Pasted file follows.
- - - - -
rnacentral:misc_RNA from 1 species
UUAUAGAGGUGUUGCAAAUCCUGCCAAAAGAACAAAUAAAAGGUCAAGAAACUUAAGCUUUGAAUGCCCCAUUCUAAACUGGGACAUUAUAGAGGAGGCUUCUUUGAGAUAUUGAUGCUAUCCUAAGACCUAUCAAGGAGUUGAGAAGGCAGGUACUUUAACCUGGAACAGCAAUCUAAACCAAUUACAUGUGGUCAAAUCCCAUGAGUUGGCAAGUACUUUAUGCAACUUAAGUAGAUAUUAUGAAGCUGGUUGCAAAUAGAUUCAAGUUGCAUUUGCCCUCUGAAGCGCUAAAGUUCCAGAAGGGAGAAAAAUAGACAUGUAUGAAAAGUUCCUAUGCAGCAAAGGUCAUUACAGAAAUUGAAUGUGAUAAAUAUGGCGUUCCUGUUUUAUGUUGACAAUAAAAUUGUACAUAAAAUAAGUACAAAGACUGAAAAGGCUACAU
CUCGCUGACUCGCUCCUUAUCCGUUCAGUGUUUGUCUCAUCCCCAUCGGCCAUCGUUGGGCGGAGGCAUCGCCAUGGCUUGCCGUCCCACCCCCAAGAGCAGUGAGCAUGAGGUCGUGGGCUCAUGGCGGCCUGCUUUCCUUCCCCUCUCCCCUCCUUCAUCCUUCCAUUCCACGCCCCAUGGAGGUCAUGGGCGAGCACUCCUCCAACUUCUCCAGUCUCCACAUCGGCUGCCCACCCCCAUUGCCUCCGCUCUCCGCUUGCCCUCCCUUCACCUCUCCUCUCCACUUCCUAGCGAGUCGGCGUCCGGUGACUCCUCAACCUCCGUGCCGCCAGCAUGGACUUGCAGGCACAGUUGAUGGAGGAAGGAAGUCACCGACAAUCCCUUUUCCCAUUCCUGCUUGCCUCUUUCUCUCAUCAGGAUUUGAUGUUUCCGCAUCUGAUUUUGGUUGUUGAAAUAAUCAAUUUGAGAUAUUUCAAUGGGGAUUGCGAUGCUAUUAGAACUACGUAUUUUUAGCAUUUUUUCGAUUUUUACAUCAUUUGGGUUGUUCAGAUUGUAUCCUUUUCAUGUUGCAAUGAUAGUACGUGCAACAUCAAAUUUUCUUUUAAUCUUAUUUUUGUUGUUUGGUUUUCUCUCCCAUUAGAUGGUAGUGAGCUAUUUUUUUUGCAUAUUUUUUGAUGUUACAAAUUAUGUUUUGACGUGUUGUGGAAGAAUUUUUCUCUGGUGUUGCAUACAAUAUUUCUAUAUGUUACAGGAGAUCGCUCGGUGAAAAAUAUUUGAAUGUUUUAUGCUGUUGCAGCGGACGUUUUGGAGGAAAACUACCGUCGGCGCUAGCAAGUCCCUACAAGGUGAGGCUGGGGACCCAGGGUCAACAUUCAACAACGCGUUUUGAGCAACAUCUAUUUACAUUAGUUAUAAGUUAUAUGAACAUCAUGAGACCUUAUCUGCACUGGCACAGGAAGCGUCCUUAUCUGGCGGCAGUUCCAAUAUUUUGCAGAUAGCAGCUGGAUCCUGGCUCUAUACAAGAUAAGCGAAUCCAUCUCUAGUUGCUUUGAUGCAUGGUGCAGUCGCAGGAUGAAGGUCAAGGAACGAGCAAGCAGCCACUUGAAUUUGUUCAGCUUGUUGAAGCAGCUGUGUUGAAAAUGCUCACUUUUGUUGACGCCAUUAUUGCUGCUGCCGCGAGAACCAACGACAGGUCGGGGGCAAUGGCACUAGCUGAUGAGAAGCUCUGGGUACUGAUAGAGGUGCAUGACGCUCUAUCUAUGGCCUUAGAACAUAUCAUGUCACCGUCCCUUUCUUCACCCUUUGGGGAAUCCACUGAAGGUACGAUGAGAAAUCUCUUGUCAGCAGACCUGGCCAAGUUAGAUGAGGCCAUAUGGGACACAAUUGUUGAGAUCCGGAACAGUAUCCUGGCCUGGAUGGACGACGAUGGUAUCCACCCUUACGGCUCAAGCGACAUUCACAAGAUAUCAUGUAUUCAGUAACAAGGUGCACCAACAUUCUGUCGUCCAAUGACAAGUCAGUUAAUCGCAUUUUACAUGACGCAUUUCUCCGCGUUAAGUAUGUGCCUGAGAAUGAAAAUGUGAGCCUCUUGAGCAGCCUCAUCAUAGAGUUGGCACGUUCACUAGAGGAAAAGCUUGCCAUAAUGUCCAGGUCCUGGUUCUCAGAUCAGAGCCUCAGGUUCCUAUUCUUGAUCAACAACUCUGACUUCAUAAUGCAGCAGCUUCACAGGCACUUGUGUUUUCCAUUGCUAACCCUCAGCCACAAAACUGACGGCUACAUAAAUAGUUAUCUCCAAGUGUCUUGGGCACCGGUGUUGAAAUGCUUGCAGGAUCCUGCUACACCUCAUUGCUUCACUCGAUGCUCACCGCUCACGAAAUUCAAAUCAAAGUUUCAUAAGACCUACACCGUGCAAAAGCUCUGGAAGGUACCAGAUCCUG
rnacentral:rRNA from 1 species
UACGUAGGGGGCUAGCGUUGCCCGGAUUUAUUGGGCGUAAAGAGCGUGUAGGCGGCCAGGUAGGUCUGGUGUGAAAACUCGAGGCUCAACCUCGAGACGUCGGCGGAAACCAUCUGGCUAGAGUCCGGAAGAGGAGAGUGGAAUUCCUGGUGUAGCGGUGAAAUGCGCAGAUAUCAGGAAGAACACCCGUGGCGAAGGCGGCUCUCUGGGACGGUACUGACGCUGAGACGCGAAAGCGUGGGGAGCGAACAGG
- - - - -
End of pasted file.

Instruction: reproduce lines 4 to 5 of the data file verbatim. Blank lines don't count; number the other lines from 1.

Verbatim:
rnacentral:rRNA from 1 species
UACGUAGGGGGCUAGCGUUGCCCGGAUUUAUUGGGCGUAAAGAGCGUGUAGGCGGCCAGGUAGGUCUGGUGUGAAAACUCGAGGCUCAACCUCGAGACGUCGGCGGAAACCAUCUGGCUAGAGUCCGGAAGAGGAGAGUGGAAUUCCUGGUGUAGCGGUGAAAUGCGCAGAUAUCAGGAAGAACACCCGUGGCGAAGGCGGCUCUCUGGGACGGUACUGACGCUGAGACGCGAAAGCGUGGGGAGCGAACAGG